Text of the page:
In 1735, the Assassin Adéwalé was shipwrecked on the French colony of Saint-Domingue. Having been a slave before he became a pirate, Adéwalé allied himself with the island's Maroon rebellion, led by Augustin Dieufort. In the following years, he freed hundreds of slaves from plantations and slave ships in Port-au-Prince and in the Caribbean; as such, many joined the Maroons, bolstering their numbers.[11]

ACIII-InfiltratingSouthgate 8

Haytham Kenway driving a slave convoy

In 1754, Silas Thatcher, a corrupt officer in the British Army, began enslaving members of the Kanien'kehá:ka nation, including Kaniehtí:io. Haytham Kenway and his fellow Templars freed the slaves and killed Silas to gain the natives' trust as part of their efforts to locate the Grand Temple.[12]

By 1758, François Mackandal had recruited many slaves from Saint-Domingue into the Assassins, including Agaté and Baptiste, and attempted to poison all of their white masters. However, he was betrayed and executed, causing his Brotherhood to fall apart.[13]

At the start of the American Revolutionary War, Lord Dunmore offered slaves belonging to the Patriots freedom if they escaped and joined the British Army. George Davidson, a former slave who had been granted his freedom by the Templars in exchange for his loyalty, enlisted in Dunmore's Ethiopian Regiment because of this proclamation.[14]

In an alternate reality created by an Apple of Eden, George Washington proclaimed himself King and enslaved the Kanien'kehá:ka,[15] later declaring he would invade England to do the same with its population.[16]

When the French Revolution broke out in 1789, the Saint-Domingue Assassins under the leadership of Eseosa and Toussaint Louverture took advantage of the collapse of France's old government to spark a slave rebellion in Saint-Domingue.[17] Over the course of the Revolution, the Templar Maximilien de Robespierre abolished slavery across France and its colonies.[18] During the final years of the Haitian Revolution, the Consul of France, Napoleon Bonaparte, sent an expeditionary force to Saint-Domingue to capture Louverture and restore slavery to France's colonies. The Haitians revolted against the French, led by Charles Leclerc, and ultimately managed to secure their independence.[17]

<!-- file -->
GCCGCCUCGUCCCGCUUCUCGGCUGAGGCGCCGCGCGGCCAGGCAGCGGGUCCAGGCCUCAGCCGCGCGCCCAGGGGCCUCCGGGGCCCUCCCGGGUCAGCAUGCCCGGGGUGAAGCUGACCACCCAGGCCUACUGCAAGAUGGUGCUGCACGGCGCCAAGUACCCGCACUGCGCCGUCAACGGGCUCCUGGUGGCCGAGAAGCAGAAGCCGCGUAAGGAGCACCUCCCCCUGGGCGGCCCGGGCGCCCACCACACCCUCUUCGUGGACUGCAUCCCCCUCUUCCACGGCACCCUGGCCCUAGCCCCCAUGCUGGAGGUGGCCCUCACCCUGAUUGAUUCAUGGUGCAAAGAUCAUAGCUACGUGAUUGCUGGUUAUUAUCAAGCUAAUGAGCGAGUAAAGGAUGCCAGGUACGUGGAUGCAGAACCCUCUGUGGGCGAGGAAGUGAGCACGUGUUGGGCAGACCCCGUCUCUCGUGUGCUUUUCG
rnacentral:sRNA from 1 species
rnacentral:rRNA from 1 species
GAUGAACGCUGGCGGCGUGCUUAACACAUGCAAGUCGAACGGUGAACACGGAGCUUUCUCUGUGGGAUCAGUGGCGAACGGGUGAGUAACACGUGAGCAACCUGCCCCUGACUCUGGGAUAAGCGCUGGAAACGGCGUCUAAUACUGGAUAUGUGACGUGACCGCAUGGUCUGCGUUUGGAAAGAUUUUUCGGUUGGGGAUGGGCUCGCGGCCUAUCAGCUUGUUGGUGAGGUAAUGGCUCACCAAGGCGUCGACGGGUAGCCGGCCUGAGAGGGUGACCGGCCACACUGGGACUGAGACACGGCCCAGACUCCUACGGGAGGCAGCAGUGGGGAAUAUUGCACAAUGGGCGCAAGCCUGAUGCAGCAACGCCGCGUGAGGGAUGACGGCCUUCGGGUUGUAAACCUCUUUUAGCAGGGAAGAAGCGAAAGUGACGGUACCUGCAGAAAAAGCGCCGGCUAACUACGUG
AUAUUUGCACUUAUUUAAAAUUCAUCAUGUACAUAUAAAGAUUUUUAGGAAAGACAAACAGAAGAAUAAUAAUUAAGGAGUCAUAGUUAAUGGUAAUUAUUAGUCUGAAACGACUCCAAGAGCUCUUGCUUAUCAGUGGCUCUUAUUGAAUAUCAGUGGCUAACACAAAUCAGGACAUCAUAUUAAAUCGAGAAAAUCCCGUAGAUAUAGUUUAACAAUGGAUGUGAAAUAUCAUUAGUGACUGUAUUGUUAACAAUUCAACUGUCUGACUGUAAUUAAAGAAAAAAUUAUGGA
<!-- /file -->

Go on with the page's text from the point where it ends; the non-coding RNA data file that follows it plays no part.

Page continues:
The cultural practices involving slavery have varied greatly throughout history, both on a chronological and geographical basis:

  • Gladiators – In Ancient Rome, slaves were made to fight to the death for the entertainment of citizenry.[19]
  • Military – At the dawn of the Middle Ages, several military orders were made up of Europeans enslaved as children and trained to serve their conquerors. An example of this were the Janissaries of the Ottoman Empire.[19]
  • Concubines – Around the world, people were sold into sexual slavery to serve the higher classes.[20]
  • Eunuchs – These slave guards watched over concubines, and were castrated at a young age to discourage desiring them.[20]
  • Placée brides – In French and Spanish colonies like New Orleans, a practice arose of slave owners, typically white men, selecting slaves for a form of "practice" marriage. Often though, they conceived children and opted to free their wives from slavery.[13]
  • Dalits – The lowest tier in the caste system of India, Dalits were considered untouchables and born to serve the higher castes as servants and sex slaves.[21]
  • Child labor – A pseudo-slavery employed in Victorian London that saw children as young as four working in industrial factories for nominal wages.[22]